I am also the beneficiary of a successful transition over the past year led by our new executive vice president, Richard Atwood. Under our Board of Trustees who empowered Richard and me to lead the organisation in the interim, our robust senior management team and the entire Crisis Group family came together in an exhilarating way to maintain the pace, quality, intensity and visibility of work that policymakers and our supporters have come to expect and that will continue under my leadership.

I look forward to working with and continuing to excite our existing supporters with bold solutions they can invest in, and attracting and involving new ones in our critical work to save lives. I see the governments, foundations and philanthropists who work with us as partners in that endeavour as well as important constituencies for Crisis Group. The challenges we grapple with also keep them awake at night, given that crises frequently affect them directly.

Our gender balance has improved in recent years, especially at senior levels of the organisation, but we can still do better.

As I assume leadership of Crisis Group, I am mindful of the important conversations happening in many institutions about diversity, equity and inclusion, especially at a time when a global pandemic has aggravated inequality and required us to rethink how we work, communicate and treat one another. Our gender balance has improved in recent years, especially at senior levels of the organisation, but we can still do better. We need to do more to ensure that our staff better represent the countries that we work on. As Africa Program director, I placed a great premium – as have other regional directors – on achieving that goal and, as Crisis Group’s president, I will continue striving to ensure that our staff reflects the diversity of the places we cover.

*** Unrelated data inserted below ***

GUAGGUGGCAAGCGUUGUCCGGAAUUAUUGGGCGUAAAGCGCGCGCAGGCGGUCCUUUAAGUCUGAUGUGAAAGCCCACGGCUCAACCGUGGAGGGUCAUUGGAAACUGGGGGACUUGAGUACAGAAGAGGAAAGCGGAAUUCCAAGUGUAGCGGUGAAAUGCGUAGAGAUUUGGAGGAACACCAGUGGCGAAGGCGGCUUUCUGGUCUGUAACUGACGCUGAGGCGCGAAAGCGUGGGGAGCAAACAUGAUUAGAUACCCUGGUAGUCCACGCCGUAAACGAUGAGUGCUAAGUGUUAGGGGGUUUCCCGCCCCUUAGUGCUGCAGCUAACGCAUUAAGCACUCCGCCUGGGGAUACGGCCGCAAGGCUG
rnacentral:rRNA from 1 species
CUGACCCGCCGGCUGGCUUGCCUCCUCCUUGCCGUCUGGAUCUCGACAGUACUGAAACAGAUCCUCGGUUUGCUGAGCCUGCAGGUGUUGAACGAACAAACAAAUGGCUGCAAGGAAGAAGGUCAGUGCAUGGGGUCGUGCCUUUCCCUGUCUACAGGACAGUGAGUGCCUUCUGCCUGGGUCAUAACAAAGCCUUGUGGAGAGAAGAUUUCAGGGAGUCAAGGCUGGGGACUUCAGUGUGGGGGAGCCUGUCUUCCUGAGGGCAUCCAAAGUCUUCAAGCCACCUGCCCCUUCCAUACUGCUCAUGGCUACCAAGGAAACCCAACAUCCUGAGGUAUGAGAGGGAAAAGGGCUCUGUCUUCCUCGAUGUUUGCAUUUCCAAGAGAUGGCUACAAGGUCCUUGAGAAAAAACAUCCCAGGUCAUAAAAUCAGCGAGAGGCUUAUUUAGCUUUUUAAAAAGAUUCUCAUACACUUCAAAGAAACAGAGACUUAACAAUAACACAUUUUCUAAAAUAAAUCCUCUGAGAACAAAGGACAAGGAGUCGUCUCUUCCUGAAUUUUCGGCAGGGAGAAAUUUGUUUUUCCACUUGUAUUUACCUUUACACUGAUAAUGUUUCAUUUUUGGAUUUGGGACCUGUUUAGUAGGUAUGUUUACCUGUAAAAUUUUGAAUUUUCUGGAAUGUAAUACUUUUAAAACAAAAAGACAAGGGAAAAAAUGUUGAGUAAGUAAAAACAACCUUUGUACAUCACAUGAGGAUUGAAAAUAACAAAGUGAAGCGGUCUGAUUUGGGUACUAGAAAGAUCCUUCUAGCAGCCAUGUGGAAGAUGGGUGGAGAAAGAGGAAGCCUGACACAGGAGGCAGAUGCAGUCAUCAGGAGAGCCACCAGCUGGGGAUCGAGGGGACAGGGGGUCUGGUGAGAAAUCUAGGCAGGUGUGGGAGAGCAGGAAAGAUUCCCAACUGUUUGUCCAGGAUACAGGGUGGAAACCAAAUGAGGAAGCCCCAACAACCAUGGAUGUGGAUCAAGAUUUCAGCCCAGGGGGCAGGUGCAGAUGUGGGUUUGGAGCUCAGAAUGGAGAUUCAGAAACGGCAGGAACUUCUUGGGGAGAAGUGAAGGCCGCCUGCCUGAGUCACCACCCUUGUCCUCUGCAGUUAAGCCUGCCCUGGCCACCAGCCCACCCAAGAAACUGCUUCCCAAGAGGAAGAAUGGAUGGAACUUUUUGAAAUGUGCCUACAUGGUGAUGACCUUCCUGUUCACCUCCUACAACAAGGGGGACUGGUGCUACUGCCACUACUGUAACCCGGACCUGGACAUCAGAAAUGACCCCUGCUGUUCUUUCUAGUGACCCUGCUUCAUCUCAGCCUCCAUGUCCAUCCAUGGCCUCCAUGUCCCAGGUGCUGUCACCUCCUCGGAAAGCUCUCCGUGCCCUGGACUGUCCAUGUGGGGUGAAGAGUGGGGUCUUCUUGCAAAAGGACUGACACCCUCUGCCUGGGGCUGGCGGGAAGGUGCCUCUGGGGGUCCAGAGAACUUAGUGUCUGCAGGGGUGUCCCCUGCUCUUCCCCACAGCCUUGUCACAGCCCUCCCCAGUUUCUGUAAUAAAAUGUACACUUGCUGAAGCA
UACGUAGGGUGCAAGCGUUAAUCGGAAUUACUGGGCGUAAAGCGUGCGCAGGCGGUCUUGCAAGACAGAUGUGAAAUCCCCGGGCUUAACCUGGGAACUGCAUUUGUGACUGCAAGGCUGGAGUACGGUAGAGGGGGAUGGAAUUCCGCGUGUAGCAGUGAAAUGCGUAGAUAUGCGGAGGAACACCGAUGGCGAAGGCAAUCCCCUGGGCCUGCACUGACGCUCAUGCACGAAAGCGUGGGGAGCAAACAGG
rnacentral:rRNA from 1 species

A happy team is a productive team. We must invest in our most cherished asset: our people – not just our highly respected and visible experts, but also those performing core functions behind the scenes that allow our programs to shine. This is vital to me and is something we’re looking at very closely at Crisis Group. Part of it is ensuring that our compensation packages are competitive and that staff are appropriately remunerated and inspired to stay longer with the organisation through clear career paths. I will also be investing in efficient workflows and creating more opportunities to connect our global staff to one another to protect our treasured sense of community.

I thank President Muhammadu Buhari of Nigeria for his statement on my appointment and his recognition of Crisis Group’s role in shaping policies that will build a more peaceful world. I am immensely proud to be Crisis Group’s first African leader and only the second woman, after Louise. I am grateful for the expressions of support I have received from people around the globe and honoured to receive their kind words about what my appointment means to them. I’m particularly indebted to a number of women who encouraged and prepared me for leadership. My success is yours, too. 

I end with a message to my colleagues – the Crisis Group family: my leadership is a testimony to your success; together we can rise to new heights, blaze new trails and continue to fulfil the mission of Crisis Group’s founders established over a quarter-century ago to save lives in a world torn apart by war and violence. I look forward to leading with you all in this most humbling mission.